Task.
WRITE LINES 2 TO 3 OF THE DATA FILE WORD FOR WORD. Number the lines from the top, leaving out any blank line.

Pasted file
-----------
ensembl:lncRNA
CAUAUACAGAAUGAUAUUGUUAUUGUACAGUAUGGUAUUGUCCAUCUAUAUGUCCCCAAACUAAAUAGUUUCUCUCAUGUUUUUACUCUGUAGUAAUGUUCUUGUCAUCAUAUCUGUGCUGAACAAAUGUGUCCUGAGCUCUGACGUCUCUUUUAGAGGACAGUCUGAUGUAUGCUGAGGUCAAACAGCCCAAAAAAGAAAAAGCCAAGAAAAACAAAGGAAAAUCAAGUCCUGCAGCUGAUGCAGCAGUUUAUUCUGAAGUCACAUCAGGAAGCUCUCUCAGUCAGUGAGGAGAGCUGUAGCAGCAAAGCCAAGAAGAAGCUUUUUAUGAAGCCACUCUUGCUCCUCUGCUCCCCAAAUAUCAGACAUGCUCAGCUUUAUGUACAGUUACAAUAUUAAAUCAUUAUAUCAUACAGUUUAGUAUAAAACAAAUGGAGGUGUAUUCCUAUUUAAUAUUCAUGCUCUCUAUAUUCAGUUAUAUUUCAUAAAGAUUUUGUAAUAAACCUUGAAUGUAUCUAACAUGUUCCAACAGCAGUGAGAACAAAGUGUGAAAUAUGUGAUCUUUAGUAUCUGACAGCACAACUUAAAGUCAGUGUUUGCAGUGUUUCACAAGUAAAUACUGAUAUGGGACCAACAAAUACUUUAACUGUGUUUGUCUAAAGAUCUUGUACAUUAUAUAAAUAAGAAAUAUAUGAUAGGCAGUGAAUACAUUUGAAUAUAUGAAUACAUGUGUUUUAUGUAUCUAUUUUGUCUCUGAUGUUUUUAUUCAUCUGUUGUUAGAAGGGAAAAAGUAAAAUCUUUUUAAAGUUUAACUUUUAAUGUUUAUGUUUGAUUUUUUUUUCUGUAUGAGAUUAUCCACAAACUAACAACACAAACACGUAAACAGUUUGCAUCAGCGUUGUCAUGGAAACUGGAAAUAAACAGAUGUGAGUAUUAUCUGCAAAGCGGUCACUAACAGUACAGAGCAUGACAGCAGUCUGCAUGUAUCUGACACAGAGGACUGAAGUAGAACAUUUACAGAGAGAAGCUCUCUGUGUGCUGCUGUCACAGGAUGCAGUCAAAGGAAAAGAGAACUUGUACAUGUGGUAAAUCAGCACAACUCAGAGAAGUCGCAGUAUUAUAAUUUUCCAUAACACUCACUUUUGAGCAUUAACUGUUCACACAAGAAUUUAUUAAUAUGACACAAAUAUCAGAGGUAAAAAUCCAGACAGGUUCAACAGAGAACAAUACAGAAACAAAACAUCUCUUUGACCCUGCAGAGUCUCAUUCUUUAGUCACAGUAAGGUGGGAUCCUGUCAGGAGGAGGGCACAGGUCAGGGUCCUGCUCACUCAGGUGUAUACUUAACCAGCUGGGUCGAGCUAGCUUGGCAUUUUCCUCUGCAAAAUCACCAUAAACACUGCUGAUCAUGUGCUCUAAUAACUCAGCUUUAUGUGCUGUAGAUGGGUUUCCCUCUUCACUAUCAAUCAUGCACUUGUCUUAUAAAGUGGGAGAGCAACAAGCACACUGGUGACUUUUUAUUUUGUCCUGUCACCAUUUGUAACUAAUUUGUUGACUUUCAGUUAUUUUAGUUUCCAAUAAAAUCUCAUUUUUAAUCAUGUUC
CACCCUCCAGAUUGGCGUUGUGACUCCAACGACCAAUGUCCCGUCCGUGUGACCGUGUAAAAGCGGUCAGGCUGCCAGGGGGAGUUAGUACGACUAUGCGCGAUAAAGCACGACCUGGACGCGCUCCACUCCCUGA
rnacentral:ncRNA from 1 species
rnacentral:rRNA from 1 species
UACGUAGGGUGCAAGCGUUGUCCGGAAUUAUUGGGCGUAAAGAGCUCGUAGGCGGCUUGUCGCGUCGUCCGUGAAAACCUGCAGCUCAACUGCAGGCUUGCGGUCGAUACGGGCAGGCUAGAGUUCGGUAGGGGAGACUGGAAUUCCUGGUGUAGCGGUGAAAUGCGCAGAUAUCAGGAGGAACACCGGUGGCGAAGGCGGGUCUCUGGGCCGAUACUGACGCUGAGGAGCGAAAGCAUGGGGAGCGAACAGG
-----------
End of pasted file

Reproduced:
CAUAUACAGAAUGAUAUUGUUAUUGUACAGUAUGGUAUUGUCCAUCUAUAUGUCCCCAAACUAAAUAGUUUCUCUCAUGUUUUUACUCUGUAGUAAUGUUCUUGUCAUCAUAUCUGUGCUGAACAAAUGUGUCCUGAGCUCUGACGUCUCUUUUAGAGGACAGUCUGAUGUAUGCUGAGGUCAAACAGCCCAAAAAAGAAAAAGCCAAGAAAAACAAAGGAAAAUCAAGUCCUGCAGCUGAUGCAGCAGUUUAUUCUGAAGUCACAUCAGGAAGCUCUCUCAGUCAGUGAGGAGAGCUGUAGCAGCAAAGCCAAGAAGAAGCUUUUUAUGAAGCCACUCUUGCUCCUCUGCUCCCCAAAUAUCAGACAUGCUCAGCUUUAUGUACAGUUACAAUAUUAAAUCAUUAUAUCAUACAGUUUAGUAUAAAACAAAUGGAGGUGUAUUCCUAUUUAAUAUUCAUGCUCUCUAUAUUCAGUUAUAUUUCAUAAAGAUUUUGUAAUAAACCUUGAAUGUAUCUAACAUGUUCCAACAGCAGUGAGAACAAAGUGUGAAAUAUGUGAUCUUUAGUAUCUGACAGCACAACUUAAAGUCAGUGUUUGCAGUGUUUCACAAGUAAAUACUGAUAUGGGACCAACAAAUACUUUAACUGUGUUUGUCUAAAGAUCUUGUACAUUAUAUAAAUAAGAAAUAUAUGAUAGGCAGUGAAUACAUUUGAAUAUAUGAAUACAUGUGUUUUAUGUAUCUAUUUUGUCUCUGAUGUUUUUAUUCAUCUGUUGUUAGAAGGGAAAAAGUAAAAUCUUUUUAAAGUUUAACUUUUAAUGUUUAUGUUUGAUUUUUUUUUCUGUAUGAGAUUAUCCACAAACUAACAACACAAACACGUAAACAGUUUGCAUCAGCGUUGUCAUGGAAACUGGAAAUAAACAGAUGUGAGUAUUAUCUGCAAAGCGGUCACUAACAGUACAGAGCAUGACAGCAGUCUGCAUGUAUCUGACACAGAGGACUGAAGUAGAACAUUUACAGAGAGAAGCUCUCUGUGUGCUGCUGUCACAGGAUGCAGUCAAAGGAAAAGAGAACUUGUACAUGUGGUAAAUCAGCACAACUCAGAGAAGUCGCAGUAUUAUAAUUUUCCAUAACACUCACUUUUGAGCAUUAACUGUUCACACAAGAAUUUAUUAAUAUGACACAAAUAUCAGAGGUAAAAAUCCAGACAGGUUCAACAGAGAACAAUACAGAAACAAAACAUCUCUUUGACCCUGCAGAGUCUCAUUCUUUAGUCACAGUAAGGUGGGAUCCUGUCAGGAGGAGGGCACAGGUCAGGGUCCUGCUCACUCAGGUGUAUACUUAACCAGCUGGGUCGAGCUAGCUUGGCAUUUUCCUCUGCAAAAUCACCAUAAACACUGCUGAUCAUGUGCUCUAAUAACUCAGCUUUAUGUGCUGUAGAUGGGUUUCCCUCUUCACUAUCAAUCAUGCACUUGUCUUAUAAAGUGGGAGAGCAACAAGCACACUGGUGACUUUUUAUUUUGUCCUGUCACCAUUUGUAACUAAUUUGUUGACUUUCAGUUAUUUUAGUUUCCAAUAAAAUCUCAUUUUUAAUCAUGUUC
CACCCUCCAGAUUGGCGUUGUGACUCCAACGACCAAUGUCCCGUCCGUGUGACCGUGUAAAAGCGGUCAGGCUGCCAGGGGGAGUUAGUACGACUAUGCGCGAUAAAGCACGACCUGGACGCGCUCCACUCCCUGA